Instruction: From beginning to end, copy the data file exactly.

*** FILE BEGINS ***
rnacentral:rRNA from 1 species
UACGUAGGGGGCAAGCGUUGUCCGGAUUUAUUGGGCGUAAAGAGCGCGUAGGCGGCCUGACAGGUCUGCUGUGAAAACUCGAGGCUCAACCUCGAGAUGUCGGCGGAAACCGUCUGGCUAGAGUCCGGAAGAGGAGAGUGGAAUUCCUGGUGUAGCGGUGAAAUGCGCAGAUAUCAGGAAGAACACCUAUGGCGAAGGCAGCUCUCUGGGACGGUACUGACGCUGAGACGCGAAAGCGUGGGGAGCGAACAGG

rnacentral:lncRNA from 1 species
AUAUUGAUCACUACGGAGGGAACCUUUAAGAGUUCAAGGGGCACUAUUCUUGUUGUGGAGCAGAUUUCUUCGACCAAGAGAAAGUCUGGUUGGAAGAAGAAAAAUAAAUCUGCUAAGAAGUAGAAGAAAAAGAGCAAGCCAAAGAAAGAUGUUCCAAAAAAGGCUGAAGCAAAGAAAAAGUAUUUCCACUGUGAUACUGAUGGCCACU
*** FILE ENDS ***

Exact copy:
rnacentral:rRNA from 1 species
UACGUAGGGGGCAAGCGUUGUCCGGAUUUAUUGGGCGUAAAGAGCGCGUAGGCGGCCUGACAGGUCUGCUGUGAAAACUCGAGGCUCAACCUCGAGAUGUCGGCGGAAACCGUCUGGCUAGAGUCCGGAAGAGGAGAGUGGAAUUCCUGGUGUAGCGGUGAAAUGCGCAGAUAUCAGGAAGAACACCUAUGGCGAAGGCAGCUCUCUGGGACGGUACUGACGCUGAGACGCGAAAGCGUGGGGAGCGAACAGG

rnacentral:lncRNA from 1 species
AUAUUGAUCACUACGGAGGGAACCUUUAAGAGUUCAAGGGGCACUAUUCUUGUUGUGGAGCAGAUUUCUUCGACCAAGAGAAAGUCUGGUUGGAAGAAGAAAAAUAAAUCUGCUAAGAAGUAGAAGAAAAAGAGCAAGCCAAAGAAAGAUGUUCCAAAAAAGGCUGAAGCAAAGAAAAAGUAUUUCCACUGUGAUACUGAUGGCCACU